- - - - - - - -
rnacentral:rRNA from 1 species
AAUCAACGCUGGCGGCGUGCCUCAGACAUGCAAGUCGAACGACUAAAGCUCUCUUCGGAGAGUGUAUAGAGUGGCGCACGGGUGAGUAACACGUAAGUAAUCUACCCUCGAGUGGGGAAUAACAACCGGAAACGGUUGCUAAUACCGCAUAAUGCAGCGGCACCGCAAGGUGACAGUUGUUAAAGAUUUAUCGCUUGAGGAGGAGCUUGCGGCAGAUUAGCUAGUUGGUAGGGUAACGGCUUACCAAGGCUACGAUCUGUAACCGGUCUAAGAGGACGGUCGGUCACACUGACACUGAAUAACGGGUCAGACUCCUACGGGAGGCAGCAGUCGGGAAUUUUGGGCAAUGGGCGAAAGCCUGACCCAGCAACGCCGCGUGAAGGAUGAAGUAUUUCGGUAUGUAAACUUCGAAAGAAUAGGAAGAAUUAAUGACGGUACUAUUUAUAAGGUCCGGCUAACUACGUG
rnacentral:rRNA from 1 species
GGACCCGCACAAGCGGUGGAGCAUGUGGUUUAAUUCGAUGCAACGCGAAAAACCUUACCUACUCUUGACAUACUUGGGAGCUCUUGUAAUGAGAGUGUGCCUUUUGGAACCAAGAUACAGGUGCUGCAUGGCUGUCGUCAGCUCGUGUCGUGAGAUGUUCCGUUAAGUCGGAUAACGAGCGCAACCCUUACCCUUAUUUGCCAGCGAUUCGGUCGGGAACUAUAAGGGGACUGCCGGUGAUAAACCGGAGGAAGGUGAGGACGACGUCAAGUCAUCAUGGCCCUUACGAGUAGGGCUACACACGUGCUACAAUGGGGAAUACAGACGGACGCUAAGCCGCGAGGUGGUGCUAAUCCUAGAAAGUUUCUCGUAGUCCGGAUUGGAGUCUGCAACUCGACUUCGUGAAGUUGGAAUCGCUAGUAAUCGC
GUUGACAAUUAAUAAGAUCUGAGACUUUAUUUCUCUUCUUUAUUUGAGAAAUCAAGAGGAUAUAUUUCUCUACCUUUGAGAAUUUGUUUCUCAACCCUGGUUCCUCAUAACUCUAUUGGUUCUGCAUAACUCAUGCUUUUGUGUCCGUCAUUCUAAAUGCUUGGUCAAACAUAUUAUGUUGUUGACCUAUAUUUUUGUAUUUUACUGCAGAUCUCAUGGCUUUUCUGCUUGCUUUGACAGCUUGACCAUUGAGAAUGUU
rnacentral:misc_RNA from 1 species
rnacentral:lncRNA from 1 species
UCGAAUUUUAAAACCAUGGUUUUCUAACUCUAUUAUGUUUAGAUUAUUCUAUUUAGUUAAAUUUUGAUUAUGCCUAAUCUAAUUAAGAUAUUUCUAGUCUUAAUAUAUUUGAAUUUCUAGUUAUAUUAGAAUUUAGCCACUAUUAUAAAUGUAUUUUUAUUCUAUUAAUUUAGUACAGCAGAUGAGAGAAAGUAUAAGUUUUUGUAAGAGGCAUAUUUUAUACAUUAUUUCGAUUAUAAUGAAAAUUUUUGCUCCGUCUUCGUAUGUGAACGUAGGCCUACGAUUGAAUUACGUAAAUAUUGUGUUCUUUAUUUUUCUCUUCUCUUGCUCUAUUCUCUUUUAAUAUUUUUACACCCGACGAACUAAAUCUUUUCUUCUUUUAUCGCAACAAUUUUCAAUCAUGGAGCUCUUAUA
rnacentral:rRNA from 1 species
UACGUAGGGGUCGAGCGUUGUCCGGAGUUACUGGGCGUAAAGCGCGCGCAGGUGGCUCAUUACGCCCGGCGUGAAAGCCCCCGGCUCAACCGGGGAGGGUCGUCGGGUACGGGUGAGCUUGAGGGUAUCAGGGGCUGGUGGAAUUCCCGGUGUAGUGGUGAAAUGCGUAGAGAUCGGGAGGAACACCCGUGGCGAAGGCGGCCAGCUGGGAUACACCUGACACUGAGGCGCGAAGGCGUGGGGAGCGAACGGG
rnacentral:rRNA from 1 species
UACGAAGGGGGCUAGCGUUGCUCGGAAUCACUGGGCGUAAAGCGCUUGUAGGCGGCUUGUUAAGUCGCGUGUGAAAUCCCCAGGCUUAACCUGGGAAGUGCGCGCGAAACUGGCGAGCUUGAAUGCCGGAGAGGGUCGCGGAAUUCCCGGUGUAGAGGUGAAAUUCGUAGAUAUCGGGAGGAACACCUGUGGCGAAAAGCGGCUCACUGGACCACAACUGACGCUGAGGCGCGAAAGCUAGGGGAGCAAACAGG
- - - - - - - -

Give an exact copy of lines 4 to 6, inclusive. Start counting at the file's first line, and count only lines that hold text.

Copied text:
GGACCCGCACAAGCGGUGGAGCAUGUGGUUUAAUUCGAUGCAACGCGAAAAACCUUACCUACUCUUGACAUACUUGGGAGCUCUUGUAAUGAGAGUGUGCCUUUUGGAACCAAGAUACAGGUGCUGCAUGGCUGUCGUCAGCUCGUGUCGUGAGAUGUUCCGUUAAGUCGGAUAACGAGCGCAACCCUUACCCUUAUUUGCCAGCGAUUCGGUCGGGAACUAUAAGGGGACUGCCGGUGAUAAACCGGAGGAAGGUGAGGACGACGUCAAGUCAUCAUGGCCCUUACGAGUAGGGCUACACACGUGCUACAAUGGGGAAUACAGACGGACGCUAAGCCGCGAGGUGGUGCUAAUCCUAGAAAGUUUCUCGUAGUCCGGAUUGGAGUCUGCAACUCGACUUCGUGAAGUUGGAAUCGCUAGUAAUCGC
GUUGACAAUUAAUAAGAUCUGAGACUUUAUUUCUCUUCUUUAUUUGAGAAAUCAAGAGGAUAUAUUUCUCUACCUUUGAGAAUUUGUUUCUCAACCCUGGUUCCUCAUAACUCUAUUGGUUCUGCAUAACUCAUGCUUUUGUGUCCGUCAUUCUAAAUGCUUGGUCAAACAUAUUAUGUUGUUGACCUAUAUUUUUGUAUUUUACUGCAGAUCUCAUGGCUUUUCUGCUUGCUUUGACAGCUUGACCAUUGAGAAUGUU
rnacentral:misc_RNA from 1 species